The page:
9. See, a year and a half ago Scott or Steve would be posting a reply to an article like this reassuring their loyal customers. Now, nobody talks to them unless it’s through a PR flunkie from the mothership at B&N and they don’t seem to really care how the customers feel anymore.

  10. I doubt they stopped caring how the customers feel — but they’re not in charge any more, and if B&N says that B&N’s going to do all the talking (if any) then Scott and Steve can’t overrule the mothership.



  11. I find it very frustrating that while other ebook sites have made agency deals, and communicated with their customers, Fictionwise is no longer doing so. When the overdrive fiasco occurred, Fictionwise was very proactive about communicating what was going on, and how they were addressing it.

    One positive sign is that some books that were unavailable for download a few weeks ago are now available for download again, however you still can’t purchase anything from the 5 agency model publishers. I’m about to start switching to Kindle or Kobo books, which is a shame, I’ve been a loyal Fictionwise customer for years with over a thousand books purchased.

    In the meantime I’m going to make sure to download all of my books to ensure I have copy in case they become unavailable again.

  12. I started as a Peanut Reader –> Palm Reader –> eReader customer, so there was a noticeable decline at eReader.com when FW took over, but I had hope for the eReader format when B&N bought it and announced the Nook. so I continue buying it for my iPhone, mostly at FW because they gutted the eReader discount program.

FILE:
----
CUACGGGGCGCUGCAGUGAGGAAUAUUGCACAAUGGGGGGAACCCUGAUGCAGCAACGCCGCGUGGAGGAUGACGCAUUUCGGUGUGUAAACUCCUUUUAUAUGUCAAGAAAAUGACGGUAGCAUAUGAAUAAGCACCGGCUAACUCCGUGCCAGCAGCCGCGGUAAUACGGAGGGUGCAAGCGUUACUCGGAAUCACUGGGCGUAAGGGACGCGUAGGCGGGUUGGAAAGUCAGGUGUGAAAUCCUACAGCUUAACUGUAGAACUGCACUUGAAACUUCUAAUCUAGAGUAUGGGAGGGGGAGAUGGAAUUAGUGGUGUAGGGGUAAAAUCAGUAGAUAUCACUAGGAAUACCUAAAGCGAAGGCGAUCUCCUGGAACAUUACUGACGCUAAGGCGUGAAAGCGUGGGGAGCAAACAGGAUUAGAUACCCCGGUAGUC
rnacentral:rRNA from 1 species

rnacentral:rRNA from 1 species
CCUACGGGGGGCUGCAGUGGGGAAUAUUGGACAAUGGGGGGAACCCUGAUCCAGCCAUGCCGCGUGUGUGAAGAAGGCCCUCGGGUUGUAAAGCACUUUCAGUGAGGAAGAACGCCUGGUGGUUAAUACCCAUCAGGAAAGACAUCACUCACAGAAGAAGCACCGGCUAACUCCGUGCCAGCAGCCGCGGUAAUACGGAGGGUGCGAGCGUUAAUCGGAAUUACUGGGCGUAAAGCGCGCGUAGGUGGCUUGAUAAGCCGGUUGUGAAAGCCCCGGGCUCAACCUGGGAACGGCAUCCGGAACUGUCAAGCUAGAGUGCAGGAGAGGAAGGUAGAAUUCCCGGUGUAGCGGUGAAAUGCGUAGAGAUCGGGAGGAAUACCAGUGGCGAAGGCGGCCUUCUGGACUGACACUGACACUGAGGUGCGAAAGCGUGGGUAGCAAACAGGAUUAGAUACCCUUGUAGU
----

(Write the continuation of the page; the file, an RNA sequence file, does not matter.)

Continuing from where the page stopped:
But after 3 weeks of losing the Big 5, *with no communication* AND B&N shifting to using ePub more on the Nook, I think eReader format is on it’s deathbed.

    And I’m not sure where to go next for the ease of use – not everyone has the time, know-how or is comfortable with DRM stripping.

  13. Now would be a good time to back up any e-books you have purchased from Fictionwise or eReader.com. Many can no longer be downloaded, so round up the copies you have downloaded in the past and burn them to a CD or DVD. Also, you may want to consider backing up your library on Microsoft’s free SkyDrive service, which David Pogue recently wrote about on nytimes.com. What’s happening to Fictionwise is sad, and it is going to leave a lot of e-book fans with a very unfavorable opinion of Barnes & Noble. In any case, I have reached the same conclusion Chris Meadows comes to in this piece: that Kindle e-books are the next best thing. I hope that Steve and Scott got rich when they sold their company. They deserve it, and although they’re now gagged by B&N they’re probably sad to see their old customers getting such shabby treatment. Maybe we’ll get the inside story someday in a Kindle exclusive.

  14. Below is a recent response I received from eReader CS regarding product availability:
    Due to industry changes, our content suppliers are currently unable to offer certain titles from several large publishers. We are working with our content partners to resolve this.
    Best Regards,
    eReader.com Support Team

    You wrote:
    I can’t find any more books by JD Robb. Is that author no longer available through ereader?